Every time I see a rainbow flag flying from a UU church, I know I am home. For the flags are not only a beacon for the LBGQT; they are a beacon for anyone seeking support on their journey to find truth, meaning, justice and community in this crazy world, no matter their race, class, education, gender identity, sexual orientation or political affiliation. God-fearing, atheist, agnostic or ambivalent—we invite you to open your mind and join the conversation.

Kelly Umstott 

Oak Knoll Road

Letter brought fear

To the Editor:

I picked my twins up on Friday from preschool and we sat outside, enjoying the first popsicles of the season. I was reading the Mosquito, thinking about farm shares, and the twins were looking for roly-polies, those pill bugs that roll up into themselves for protection when under threat.

The headline—”Dismayed to see the Rainbow Flag”-—did more than dismay me: I felt threatened.

For the first time since moving here, I was afraid. Afraid of ignorance and hatred. Afraid for my children. Later,  I realized I have been afraid since we got here. Afraid our children will be ostracized when they start school because their mothers are gay. Afraid the reason we don’t know our neighbors yet is not because the houses are far apart from each other, but because we are gay. In 1978, Harvey Milk, then a city supervisor in San Francisco, asked Gilbert Baker to create an emblem of the gay rights movement, and Baker designed the first rainbow flag. The rainbow flag stands for human rights, inclusion and love. The courageous Harvey Milk was assassinated that same year. Gilbert Baker himself died this spring. According to his obituary, Baker refused to apply for a trademark for the rainbow flag; it was his gift to the world.

Carlisle is a beautiful sanctuary. We are so grateful to set down roots here. And I realized I am no more afraid in Carlisle than I was in any other town or city I have lived in. But I want to believe our family can be a little less afraid here.

After reading the letter, I brought the kids inside, irrationally locking the door behind us—just like the roly-polies under the rocks, hiding from the world.

That’s no way to live for humans, and my children need me to be brave about who we are. I hope as many of you as possible will join me in engaging in the simple acts of kindness and respect every day which deepen our roots in our community.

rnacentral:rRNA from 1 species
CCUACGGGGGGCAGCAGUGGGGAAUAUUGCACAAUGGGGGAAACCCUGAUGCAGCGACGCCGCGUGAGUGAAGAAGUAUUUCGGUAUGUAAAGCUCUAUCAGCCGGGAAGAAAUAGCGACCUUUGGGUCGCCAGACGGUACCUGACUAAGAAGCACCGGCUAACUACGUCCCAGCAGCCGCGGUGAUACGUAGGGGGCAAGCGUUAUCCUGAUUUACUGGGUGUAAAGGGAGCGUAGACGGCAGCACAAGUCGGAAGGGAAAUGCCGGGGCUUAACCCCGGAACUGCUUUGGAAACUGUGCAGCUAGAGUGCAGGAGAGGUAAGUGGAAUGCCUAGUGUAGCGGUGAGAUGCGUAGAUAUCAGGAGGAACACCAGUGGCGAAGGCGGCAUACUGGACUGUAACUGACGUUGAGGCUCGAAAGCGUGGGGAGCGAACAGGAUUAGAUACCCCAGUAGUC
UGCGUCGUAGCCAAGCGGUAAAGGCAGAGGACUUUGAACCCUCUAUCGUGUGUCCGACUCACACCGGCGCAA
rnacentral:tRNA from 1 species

Tracy E. Brown

Curve Street

Garden Club Tour is coming June 9-10

To the Editor: 

The Carlisle Garden Club Country Gardens Tour is coming. On June 9 and 10, from 10 a.m. to 4 p.m., the town of Carlisle will be filled with eager garden enthusiasts from many towns around, savoring the pleasures of being invited to view the private grounds of six of some of the loveliest garden settings in our fair City in the Woods. This tour would not be possible without the generosity of volunteers who help by taking three-hour shifts to greet these visitors at each of the gardens. 

As our thanks for helping in this way, non-garden club volunteers are offered a free ticket for the tour. There are only a limited number of shifts needed, from 10 a.m. to 1 p.m. and from 1 to 4 p.m., so find a friend, take a shift as a couple or meet someone new. Find out about the Garden Club, meet the members and enjoy a beautiful day, rain or shine, participating in this cherished tradition while helping the club raise funds to fulfill its goals of being a valued asset to the community.  

In addition to the tour, a plant sale will be held on the town common.

Email to sign up to become a tour volunteer.

Karen Smith

North Road

LWV Candidates Forum, May 21

To the Editor:

The League of Women Voters will be holding a Carlisle Candidates Forum on Sunday, May 21, 3 to 5 p.m. at Town Hall.  All Carlisle residents are encouraged to attend to hear the candidates running for elected town positions speak about their views concerning the issues facing our town and their goals in running for office. The League invites voters to ask questions of the candidates, either at the forum or submitted prior to the event by emailing

If you are unable to attend the Forum, we anticipate that a recording will be aired on CCTV and made available on the CCTV website under the On Demand option.

Barbara Lewis, LWVCC

East Riding Drive

Join the PMC Kids Ride

To the Editor:

I am so excited to bring the PMC Kids Ride to Concord for the ninth year on Sunday, June 11, from 8:30 a.m. - noon at Willard Elementary School, 185 Powder Mill Road, Concord. This event is a great example of the community coming together as participants and volunteers supporting our kids as they ride their bikes and raise funds for the Dana-Farber Cancer Institute.

We look forward to seeing close to 200 kids between the ages of 5-15 riding a 1, 4, 8 or 12 mile route. There will be a separate 1/4-1/2 mile Jr. Ride for riders with training wheels and those under 5. Come out and join the fun and be part of this great community and philanthropic event. There will be lots of delicious food, music, games and activities for all!

For information about the ride or to register to ride, volunteer or donate, go to 100% of every dollar raised is used in the fight against cancer. 

Kelly Driscoll

Wilkins Lane